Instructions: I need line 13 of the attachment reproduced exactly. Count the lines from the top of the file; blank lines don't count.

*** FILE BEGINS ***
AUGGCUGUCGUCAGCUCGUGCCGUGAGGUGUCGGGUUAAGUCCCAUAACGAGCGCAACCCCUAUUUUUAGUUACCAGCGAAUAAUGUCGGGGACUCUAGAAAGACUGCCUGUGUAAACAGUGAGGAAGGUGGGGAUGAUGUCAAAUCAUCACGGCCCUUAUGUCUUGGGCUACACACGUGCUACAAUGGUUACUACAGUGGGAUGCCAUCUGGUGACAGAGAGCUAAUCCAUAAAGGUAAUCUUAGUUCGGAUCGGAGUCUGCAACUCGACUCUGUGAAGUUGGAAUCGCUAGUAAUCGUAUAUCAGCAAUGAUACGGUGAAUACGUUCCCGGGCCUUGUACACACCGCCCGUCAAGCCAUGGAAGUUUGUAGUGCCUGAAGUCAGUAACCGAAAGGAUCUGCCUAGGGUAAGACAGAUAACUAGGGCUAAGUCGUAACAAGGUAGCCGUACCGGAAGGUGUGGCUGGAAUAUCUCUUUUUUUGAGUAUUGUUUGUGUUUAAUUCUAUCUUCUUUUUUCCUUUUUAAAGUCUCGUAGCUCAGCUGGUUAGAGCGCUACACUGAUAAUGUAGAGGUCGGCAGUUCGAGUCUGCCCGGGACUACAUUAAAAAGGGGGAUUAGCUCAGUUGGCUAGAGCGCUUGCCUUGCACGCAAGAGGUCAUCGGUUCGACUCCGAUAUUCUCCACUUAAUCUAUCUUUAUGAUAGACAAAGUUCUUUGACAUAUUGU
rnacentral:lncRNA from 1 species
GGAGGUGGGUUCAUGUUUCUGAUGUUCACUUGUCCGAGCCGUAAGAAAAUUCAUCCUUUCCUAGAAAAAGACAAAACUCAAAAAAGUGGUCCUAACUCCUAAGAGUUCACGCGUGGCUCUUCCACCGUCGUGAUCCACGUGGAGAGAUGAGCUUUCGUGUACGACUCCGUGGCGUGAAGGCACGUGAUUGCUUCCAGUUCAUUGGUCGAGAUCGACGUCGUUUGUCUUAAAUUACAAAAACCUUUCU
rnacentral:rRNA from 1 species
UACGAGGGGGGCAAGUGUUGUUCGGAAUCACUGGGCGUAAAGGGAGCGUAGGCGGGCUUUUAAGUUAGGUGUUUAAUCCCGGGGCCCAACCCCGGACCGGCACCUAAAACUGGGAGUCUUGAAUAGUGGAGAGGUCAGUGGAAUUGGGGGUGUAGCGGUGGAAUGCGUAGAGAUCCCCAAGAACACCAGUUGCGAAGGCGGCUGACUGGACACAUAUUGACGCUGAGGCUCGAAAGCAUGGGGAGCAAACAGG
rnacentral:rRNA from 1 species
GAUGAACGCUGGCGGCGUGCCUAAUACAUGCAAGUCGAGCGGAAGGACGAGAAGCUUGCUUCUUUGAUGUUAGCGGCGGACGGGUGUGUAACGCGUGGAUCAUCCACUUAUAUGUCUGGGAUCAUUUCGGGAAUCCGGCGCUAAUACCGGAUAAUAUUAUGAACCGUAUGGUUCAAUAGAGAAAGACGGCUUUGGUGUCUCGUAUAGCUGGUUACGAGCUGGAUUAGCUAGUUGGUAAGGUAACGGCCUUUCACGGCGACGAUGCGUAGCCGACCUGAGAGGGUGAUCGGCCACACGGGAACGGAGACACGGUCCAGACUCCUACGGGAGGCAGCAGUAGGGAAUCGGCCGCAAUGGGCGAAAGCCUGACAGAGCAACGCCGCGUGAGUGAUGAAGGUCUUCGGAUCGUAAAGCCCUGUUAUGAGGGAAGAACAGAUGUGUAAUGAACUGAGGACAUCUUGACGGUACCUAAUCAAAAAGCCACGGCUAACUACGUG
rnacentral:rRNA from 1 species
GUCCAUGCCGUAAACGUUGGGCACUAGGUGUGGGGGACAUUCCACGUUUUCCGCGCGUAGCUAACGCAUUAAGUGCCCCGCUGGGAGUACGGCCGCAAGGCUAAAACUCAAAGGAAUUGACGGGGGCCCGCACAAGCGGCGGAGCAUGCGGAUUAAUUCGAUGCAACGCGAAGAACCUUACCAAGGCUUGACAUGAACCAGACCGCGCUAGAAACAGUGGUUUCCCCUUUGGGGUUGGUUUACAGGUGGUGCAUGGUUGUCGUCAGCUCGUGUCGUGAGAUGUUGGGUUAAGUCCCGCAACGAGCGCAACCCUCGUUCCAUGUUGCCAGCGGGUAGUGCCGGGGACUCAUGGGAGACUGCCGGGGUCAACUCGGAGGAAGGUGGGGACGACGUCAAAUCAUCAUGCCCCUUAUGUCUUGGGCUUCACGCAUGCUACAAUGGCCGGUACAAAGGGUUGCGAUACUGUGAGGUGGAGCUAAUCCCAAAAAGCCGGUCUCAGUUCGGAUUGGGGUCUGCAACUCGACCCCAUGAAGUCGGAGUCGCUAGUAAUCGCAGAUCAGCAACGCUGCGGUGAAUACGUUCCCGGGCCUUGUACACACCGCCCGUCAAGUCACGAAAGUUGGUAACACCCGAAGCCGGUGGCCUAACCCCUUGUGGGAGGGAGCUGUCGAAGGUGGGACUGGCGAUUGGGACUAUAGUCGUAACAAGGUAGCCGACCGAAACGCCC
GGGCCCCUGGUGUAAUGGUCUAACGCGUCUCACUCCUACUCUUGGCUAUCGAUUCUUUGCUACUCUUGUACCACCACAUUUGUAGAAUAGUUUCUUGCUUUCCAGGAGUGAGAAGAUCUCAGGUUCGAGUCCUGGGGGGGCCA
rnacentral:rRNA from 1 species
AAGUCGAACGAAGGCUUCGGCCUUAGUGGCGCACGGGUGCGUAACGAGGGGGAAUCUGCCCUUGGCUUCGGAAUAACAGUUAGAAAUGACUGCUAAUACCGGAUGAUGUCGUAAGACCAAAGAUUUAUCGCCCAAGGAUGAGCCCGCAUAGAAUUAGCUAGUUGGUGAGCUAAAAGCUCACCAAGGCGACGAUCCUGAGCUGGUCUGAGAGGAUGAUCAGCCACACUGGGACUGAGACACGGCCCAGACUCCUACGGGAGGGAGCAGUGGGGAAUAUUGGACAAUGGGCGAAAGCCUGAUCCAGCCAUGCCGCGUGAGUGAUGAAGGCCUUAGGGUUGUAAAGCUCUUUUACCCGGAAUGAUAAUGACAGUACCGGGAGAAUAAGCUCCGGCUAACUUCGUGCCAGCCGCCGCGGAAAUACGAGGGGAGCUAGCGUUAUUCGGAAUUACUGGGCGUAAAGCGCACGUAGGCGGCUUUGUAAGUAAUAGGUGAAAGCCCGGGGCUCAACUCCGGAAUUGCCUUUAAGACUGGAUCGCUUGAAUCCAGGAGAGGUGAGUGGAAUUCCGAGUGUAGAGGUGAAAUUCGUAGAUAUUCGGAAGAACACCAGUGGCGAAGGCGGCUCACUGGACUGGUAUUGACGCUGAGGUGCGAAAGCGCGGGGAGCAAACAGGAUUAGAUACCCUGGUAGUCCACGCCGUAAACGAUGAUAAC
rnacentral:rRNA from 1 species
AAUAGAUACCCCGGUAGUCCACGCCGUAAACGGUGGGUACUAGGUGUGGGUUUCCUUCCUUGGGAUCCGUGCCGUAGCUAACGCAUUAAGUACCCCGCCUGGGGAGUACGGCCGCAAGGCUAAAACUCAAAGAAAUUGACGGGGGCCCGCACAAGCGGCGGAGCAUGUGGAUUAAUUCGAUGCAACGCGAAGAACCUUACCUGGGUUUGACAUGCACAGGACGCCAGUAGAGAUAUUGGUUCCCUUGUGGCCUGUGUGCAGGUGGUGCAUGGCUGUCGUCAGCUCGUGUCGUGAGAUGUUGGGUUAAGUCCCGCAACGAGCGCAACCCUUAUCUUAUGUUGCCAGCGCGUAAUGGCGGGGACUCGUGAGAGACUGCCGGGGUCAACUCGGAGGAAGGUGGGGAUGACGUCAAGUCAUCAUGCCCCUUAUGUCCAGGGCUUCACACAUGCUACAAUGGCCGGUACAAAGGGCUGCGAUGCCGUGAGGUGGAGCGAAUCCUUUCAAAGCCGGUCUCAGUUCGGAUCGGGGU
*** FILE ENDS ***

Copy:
rnacentral:rRNA from 1 species